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Venezuela's Grim Reaper: A Weekly Report 9/27/2017

The Grim Reaper has taken his scythe to the Venezuelan bolivar. The death of the bolivar is depicted in the following chart. A bolivar is worthless, and with its collapse, Venezuela is witnessing the world’s worst inflation. 

As the bolivar collapsed and inflation accelerated, the Banco Central de Venezuela (BCV) became an unreliable source of inflation data. Indeed, from December 2014 until January 2016, the BCV did not report inflation statistics. Then, the BCV pulled a rabbit out of its hat in January 2016 and reported a phony annual inflation rate for the third quarter of 2015. So, the last official inflation data reported by the BCV is almost two years old. To remedy this problem, the Johns Hopkins – Cato Institute Troubled Currencies Project, which I direct, began to measure Venezuela’s inflation in 2013. 

The most important price in an economy is the exchange rate between the local currency and the world’s reserve currency — the U.S. dollar. As long as there is an active black market (read: free market) for currency and the black market data are available, changes in the black market exchange rate can be reliably transformed into accurate estimates of countrywide inflation rates. The economic principle of Purchasing Power Parity (PPP) allows for this transformation.

I compute the implied annual inflation rate on a daily basis by using PPP to translate changes in the VEF/USD exchange rate into an annual inflation rate. The chart below shows the course of that annual rate, which peaked at 2432.94% (yr/yr) in mid-September 2017. At present, Venezuela’s annual inflation rate is 2275.78%, the highest in the world (see the chart below).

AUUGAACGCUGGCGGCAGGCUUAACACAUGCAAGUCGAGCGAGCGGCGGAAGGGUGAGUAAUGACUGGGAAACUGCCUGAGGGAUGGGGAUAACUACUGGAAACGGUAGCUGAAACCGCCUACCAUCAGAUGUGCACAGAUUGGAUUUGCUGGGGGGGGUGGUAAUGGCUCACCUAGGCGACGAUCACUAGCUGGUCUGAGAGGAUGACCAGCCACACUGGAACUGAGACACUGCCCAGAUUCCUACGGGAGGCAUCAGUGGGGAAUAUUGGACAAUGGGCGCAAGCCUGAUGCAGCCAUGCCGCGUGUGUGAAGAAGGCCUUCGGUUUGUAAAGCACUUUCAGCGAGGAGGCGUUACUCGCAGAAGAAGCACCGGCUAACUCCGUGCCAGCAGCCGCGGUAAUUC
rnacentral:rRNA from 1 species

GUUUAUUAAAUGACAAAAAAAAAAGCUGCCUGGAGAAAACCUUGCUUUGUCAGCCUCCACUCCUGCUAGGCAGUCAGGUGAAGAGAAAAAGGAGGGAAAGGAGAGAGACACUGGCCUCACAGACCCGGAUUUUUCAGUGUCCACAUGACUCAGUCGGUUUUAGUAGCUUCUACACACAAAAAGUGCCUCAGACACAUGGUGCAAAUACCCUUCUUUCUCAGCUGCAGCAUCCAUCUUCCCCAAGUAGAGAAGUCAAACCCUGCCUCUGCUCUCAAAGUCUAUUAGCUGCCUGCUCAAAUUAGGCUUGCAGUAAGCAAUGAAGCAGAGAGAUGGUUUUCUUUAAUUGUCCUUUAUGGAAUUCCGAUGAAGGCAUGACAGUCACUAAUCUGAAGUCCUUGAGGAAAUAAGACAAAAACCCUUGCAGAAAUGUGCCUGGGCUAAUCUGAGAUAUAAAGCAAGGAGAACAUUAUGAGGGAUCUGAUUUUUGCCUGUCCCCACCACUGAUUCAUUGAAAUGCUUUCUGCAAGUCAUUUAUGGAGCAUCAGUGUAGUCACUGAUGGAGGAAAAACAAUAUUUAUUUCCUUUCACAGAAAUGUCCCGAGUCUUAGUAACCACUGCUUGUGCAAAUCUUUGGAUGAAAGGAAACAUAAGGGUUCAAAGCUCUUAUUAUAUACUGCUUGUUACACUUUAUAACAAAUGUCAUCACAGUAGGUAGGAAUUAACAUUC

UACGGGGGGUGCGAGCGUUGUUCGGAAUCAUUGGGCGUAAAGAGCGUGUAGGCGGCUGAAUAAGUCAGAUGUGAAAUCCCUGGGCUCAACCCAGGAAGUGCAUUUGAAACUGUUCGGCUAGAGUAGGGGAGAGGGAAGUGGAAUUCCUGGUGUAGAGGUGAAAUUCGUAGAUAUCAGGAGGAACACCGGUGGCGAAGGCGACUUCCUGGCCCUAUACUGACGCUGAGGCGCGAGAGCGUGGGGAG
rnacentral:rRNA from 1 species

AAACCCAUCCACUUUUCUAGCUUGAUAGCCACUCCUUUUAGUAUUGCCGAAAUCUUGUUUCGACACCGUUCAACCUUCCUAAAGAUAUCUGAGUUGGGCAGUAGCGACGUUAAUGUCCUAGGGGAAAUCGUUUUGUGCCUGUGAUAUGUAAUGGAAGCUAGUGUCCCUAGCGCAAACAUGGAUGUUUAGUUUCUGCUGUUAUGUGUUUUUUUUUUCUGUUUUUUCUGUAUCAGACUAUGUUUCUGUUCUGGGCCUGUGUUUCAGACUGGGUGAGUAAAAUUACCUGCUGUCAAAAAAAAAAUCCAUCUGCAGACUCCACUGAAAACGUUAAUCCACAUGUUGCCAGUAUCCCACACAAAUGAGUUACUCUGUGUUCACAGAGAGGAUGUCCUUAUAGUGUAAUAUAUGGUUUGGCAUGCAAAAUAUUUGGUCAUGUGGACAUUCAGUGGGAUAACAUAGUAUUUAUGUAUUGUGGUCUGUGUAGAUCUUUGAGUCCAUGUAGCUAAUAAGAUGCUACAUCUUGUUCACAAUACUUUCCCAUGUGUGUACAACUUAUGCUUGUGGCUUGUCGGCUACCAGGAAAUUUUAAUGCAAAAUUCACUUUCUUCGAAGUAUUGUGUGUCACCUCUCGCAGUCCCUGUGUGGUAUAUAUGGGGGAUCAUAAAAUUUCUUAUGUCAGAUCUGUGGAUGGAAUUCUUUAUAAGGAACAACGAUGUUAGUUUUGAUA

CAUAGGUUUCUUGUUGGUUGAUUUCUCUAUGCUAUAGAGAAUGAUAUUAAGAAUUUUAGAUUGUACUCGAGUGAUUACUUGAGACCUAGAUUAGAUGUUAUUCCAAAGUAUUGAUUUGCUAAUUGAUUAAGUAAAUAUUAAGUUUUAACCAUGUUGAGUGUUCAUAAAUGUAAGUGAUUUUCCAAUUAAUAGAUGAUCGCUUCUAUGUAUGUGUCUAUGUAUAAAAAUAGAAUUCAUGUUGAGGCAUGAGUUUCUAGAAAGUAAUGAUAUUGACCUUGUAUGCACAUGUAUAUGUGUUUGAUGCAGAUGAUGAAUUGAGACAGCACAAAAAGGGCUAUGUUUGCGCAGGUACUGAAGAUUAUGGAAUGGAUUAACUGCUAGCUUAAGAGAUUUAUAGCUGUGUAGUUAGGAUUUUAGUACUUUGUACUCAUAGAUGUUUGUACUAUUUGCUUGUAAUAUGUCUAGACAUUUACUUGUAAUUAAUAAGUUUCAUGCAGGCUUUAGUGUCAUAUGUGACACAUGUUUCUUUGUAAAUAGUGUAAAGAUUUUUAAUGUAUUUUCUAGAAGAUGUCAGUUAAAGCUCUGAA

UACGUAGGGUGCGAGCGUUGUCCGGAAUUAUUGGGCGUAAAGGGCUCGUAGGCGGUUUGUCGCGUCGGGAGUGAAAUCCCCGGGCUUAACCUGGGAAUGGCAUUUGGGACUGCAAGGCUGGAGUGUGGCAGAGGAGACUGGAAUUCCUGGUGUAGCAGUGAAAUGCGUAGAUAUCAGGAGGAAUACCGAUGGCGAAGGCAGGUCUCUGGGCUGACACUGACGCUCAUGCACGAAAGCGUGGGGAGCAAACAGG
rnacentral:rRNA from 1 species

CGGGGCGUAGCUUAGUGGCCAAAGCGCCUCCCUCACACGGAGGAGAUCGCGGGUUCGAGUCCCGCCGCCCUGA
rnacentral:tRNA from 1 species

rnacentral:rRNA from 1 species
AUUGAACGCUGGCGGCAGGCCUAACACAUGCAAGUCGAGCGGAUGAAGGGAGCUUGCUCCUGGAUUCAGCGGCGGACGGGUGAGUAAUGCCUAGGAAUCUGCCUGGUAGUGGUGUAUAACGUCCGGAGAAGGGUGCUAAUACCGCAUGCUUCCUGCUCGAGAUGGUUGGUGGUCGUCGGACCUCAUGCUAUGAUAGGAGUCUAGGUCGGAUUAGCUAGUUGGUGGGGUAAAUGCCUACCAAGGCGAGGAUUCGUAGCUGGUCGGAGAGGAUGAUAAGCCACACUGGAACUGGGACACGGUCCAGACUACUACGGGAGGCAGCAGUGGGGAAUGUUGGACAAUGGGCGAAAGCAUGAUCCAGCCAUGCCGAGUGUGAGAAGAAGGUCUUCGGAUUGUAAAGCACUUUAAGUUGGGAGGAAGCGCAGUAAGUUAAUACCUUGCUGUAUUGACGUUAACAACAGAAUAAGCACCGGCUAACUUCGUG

By Steve Hanke
Past Blogs

Venezuela's Grim Reaper: A Weekly Report 9/20/2017

September 20, 2017

The Grim Reaper has taken his scythe to the Venezuelan bolivar. The death of the bolivar is depicted in the following chart. A bolivar is worthless, and with its collapse, Venezuela is witnessing the world’s worst inflation.

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Only Private Property Will Save Africa's Wildlife

September 18, 2017

At 72 years of age, Leakey is still going strong. Among other things, he is chair of the Turkana Basin Institute, which he founded. The Institute is a world-class research center located on the site in northern Kenya where the Leakeys made many notable discoveries, including an almost complete 1.6 million-year-old skeleton known as Turkana Boy. But, that’s not all Leakey is up to. In 2015, Leakey, founder and former director-general, was appointed by President Uhuru Kenyatta to chair the Kenya Wildlife Service.

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Forget The Hype: Public Infrastructure Generates Waste, Fraud And Abuse

September 14, 2017

Economic policy is subject to fads and fashions. The most recent economic-policy fad is public infrastructure. Its advocates include progressives on the “left” and populists on the “right.” It is an undefined hallmark of President Trump’s economic program. They all tell us to take the chains off fiscal austerity and spend — spend a lot — on public works. They allege that this elixir will cure many, if not all, of our economic ills. Let’s take a look at their arguments and evidence.

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Inflation Is Among The Costs Of Venezuela's War On The Private Sector

September 13, 2017

Venezuela is engaged in a multifaceted “war.” The Bolivarian Republic of Venezuela’s main enemy is the private sector of the economy (read: those who hold title to private property) and anyone else (internal or external) who opposes Chavismo (read: socialism). Wars always wreak havoc; life, property, and dreams are destroyed. In the process, wars – like Venezuela’s – progressively consume a country’s accumulated capital stock, too. In other words, as wars rage on, the destructive war economy gradually eats away at productive assets like land, factory capacity, and raw materials.

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